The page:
After dozens of checkpoints along the way, I managed to get the first city : Pasto ( Pasto ) it was crowded and hot. I started looking for a hostel . For two hours I rode around in the city at 37 brakes per minute, failed to find a hostel with motorcycle parking . It was hot and humid, the motorcycle temperature gauge passed the red line, which did not improve my mood. I was hungry, tired and irritable and, worse, it was getting dark. I hated Columbia.

I pulled aside helplessly to cool off the hot engine. Suddenly out of the darkness two angels in a white Volvo appeared and stopped to ask if I needed help. They generously offered for me to come and stay in their house and asked me to follow them. Slowly we left the noisy city and we headed up towards the mountains. We went through a large gate and the road became paved stones, surrounded by stunning scenery and grasslands until we got to a huge property.



The following days I spent with their family in their mansion. The days where filled with farm tours, fishing, running and teaching them to prepare Shakshuka. At the same time the situation in Colombia deteriorated, every day I watched the news with hope that it will end and the roads would open so I could continue my journey.
After two weeks I decided to go. The plan was to get up early and ride 8 hours nonstop to Cali ( Cali ) . Why travel without stopping? Cauca valley ( Cauca ) is dangerous, controlled by guerrilla bands - stopping there means risking kidnapping for ransom .

I woke up at 5 in the morning full of energy, parted with kisses and hugs from the wonderful family and left. I had a good feeling that day. I managed to go out of the city without any issues and felt I was going to make it!!
 
I was alone on the road, the music played in my ears and I was singing out loud in my helmet. I was free again.
The road gradually became narrower. I rode through a mountain pass and suddenly saw a huge road block with around 70 angry protestors. They ran towards me with rocks and sticks in their hand.
The only thing I could tell at that moment is that they weren’t very friendly.


 
A brief analysis of the situation told me it was too late to turn around. I collected all the confidence that exists in my body, I took gears and speed down until I was just as far to hit me with their clubs. I stopped the bike, took off my helmet and started to laugh. The crowd looked at me as though I landed from Mars and did not understand why I'm laughing. "There's no pass" they shouted angrily.

"don’t worry my friends, I came here for you. I;m going to talk with your stupid president that will do something to change the situation." Everyone started laughing, I laughed with them. The hostile stares stopped and I felt safer. Everyone came up to me and started to look at the bike. Suddenly, one shouted: "If you play us your guitar we’ll let you pass." surrounded by a fierce crowd with clubs and stones, I found myself sitting and playing the mandolin.


 
I finished and every one applauded. They agreed to open the checkpoint: "You're a good person and can pass," one of them said. "But know that you have no chance to get to Cali, there are another five checkpoints along the way and as you go further their anger is increasing. They will kill you.    "Maybe fly to Cali," shouted someone from the back. Everyone started laughing and I laughed with them, but sadly, because I know that I cannot continue. I cannot fly. I turned around and started to follow the route back.
 
I was upset, I knew that things could take a few months and I felt stuck. I remembered them shouting at me to fly and I started thinking about that possibility. But how with the motorcycle? With a little faith I went to the nearest airport, which had become a closed military area because of the situation.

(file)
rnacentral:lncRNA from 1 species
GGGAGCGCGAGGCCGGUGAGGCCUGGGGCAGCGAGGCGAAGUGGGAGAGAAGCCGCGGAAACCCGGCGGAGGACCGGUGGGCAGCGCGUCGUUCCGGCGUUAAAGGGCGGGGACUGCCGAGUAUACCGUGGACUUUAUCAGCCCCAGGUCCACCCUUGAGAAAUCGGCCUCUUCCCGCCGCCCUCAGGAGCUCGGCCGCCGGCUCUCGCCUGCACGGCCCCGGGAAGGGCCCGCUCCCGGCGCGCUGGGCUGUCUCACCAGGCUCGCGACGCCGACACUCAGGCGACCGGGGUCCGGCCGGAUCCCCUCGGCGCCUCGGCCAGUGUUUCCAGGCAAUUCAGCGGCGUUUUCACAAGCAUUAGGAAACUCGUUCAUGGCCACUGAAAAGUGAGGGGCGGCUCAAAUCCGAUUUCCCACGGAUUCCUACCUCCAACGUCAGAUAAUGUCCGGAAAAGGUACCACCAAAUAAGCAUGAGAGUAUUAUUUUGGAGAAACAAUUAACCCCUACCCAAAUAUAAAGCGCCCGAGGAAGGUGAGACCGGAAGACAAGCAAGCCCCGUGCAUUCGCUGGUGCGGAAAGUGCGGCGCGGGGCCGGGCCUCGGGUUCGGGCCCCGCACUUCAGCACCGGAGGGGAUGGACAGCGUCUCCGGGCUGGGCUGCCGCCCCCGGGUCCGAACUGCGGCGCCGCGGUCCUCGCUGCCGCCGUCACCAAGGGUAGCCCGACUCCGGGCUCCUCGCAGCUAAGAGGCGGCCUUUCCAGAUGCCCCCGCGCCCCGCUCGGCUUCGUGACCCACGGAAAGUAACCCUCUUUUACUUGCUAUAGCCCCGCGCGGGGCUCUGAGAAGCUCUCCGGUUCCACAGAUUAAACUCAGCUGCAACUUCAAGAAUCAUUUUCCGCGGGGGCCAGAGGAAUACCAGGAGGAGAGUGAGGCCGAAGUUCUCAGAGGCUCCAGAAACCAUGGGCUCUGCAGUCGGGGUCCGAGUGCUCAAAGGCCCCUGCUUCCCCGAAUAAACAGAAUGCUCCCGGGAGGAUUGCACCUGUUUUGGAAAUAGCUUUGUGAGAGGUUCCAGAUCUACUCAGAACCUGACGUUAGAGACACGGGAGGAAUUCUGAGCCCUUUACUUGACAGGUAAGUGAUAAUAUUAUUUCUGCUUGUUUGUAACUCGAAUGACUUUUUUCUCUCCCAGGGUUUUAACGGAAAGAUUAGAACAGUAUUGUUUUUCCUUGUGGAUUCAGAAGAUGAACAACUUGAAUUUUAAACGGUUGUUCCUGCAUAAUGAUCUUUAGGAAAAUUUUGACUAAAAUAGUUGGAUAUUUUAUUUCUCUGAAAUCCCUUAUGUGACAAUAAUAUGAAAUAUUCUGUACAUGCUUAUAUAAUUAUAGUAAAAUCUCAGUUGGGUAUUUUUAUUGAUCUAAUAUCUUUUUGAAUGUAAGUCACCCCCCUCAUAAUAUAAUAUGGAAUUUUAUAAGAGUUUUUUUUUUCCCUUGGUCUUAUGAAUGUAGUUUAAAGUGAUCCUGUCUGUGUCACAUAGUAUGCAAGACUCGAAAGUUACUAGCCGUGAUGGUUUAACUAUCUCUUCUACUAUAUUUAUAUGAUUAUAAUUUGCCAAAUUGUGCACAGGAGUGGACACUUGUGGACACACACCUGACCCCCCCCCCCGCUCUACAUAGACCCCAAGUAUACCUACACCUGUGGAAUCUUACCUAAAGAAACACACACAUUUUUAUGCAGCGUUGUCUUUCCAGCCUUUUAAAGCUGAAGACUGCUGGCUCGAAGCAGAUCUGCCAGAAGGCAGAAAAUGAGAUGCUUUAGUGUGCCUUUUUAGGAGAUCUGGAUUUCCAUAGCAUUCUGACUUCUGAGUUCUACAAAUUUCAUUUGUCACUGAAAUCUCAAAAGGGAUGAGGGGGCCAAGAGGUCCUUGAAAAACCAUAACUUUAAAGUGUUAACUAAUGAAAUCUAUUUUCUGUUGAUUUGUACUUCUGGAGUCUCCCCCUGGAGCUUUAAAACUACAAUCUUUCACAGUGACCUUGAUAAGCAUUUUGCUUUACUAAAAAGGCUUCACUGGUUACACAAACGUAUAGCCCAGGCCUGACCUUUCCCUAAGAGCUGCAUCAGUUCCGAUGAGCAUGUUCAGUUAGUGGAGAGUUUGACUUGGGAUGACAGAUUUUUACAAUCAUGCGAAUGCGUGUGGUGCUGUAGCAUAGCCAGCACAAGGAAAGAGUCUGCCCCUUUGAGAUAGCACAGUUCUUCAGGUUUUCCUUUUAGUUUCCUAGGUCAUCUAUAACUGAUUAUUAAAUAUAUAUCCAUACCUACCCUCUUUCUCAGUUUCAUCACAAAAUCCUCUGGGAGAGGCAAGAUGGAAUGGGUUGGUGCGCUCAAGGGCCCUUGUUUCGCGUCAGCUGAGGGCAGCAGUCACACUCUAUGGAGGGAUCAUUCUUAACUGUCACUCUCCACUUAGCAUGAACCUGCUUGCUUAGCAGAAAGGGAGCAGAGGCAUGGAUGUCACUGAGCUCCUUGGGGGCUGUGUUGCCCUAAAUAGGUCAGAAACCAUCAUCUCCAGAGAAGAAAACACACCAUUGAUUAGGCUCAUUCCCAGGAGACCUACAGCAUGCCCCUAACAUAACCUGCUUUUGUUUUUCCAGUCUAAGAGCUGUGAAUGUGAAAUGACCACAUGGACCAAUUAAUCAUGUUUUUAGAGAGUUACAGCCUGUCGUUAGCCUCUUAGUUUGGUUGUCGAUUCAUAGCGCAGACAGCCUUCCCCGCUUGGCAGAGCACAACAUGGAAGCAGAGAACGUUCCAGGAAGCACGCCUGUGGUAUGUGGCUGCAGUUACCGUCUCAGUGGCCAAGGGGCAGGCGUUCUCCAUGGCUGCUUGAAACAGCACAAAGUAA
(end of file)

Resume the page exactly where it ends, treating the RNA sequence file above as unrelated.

The guard stopped me and was surprised to see me there. As I was telling him my story, came through the gate the chief commander of the Airport. Luckily he loved motorcycles and even luckier he was trained by the Israeli air force. “Wait here, I'll see what can be done," he said and left.

I was given permission to enter the airport. I went straight to a large group of soldiers that were amazed to see me, a civilian, in their militarized airport.



I spent the time waiting surrounded by dozens of soldiers telling them brave stories about the Israeli Army. One of the officers pulled out a pistol and handed it to me, "This gun is best to have here," he said “Jericho" made by Israel Military Industries which had a Hebrew inscription. One of the soldiers cut my stories and pointed to the sky, "your aircraft" he said, as a Hercules landed.
 


One of the officers took me and to the entrance of the landing strip, another policeman with a dog gave me a drug test and I was rushed to the aircraft ramp. The pilots got to help push the heavy motorcycle into the belly of the plane.
 
Flight mechanic closed the door and the plane took off. I could not believe it was happening, I laughed out loud, looked out the window down to the ground disappearing. “Maybe try to fly, ah!” I said as I soared above the rebel roadblocks. See who laughs last .




next week rally race in Colombia with a surprising ending...
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Offline Dorsland

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Re: My tales From America Del Sur
« Reply #8 on: May 19, 2014, 07:16:56 am »
Now this RR belongs in the awesome category.  Salut my friend, for continuing your trip in the face of all odds.  I would not have entered Colombia (I can't play the guitar  :biggrin:)
Geleerdheid in die kop van 'n dwaas is soos 'n lemmetjie in die hand van 'n aap.

CJ Langenhoven
 

Offline rombo

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Re: My tales From America Del Sur
« Reply #9 on: May 19, 2014, 10:49:13 am »
hahah i played them the song "Rise" of Addie veders from into the wild movie. they really liked it.
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Offline dirtyXT

Re: My tales From America Del Sur
« Reply #10 on: May 19, 2014, 11:24:40 am »
haha and we say africa isnt for sissies!!!! nice work, keep it coming.
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Offline Dorsland

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Re: My tales From America Del Sur